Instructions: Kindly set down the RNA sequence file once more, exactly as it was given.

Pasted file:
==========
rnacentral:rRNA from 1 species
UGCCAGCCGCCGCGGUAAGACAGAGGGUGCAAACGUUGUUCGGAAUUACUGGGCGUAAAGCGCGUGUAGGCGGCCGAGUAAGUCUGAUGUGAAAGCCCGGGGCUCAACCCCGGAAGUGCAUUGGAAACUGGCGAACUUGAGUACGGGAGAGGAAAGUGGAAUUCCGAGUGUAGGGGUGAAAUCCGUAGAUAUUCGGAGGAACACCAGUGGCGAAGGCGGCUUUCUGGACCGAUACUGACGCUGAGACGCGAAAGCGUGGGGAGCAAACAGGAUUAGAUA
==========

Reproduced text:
rnacentral:rRNA from 1 species
UGCCAGCCGCCGCGGUAAGACAGAGGGUGCAAACGUUGUUCGGAAUUACUGGGCGUAAAGCGCGUGUAGGCGGCCGAGUAAGUCUGAUGUGAAAGCCCGGGGCUCAACCCCGGAAGUGCAUUGGAAACUGGCGAACUUGAGUACGGGAGAGGAAAGUGGAAUUCCGAGUGUAGGGGUGAAAUCCGUAGAUAUUCGGAGGAACACCAGUGGCGAAGGCGGCUUUCUGGACCGAUACUGACGCUGAGACGCGAAAGCGUGGGGAGCAAACAGGAUUAGAUA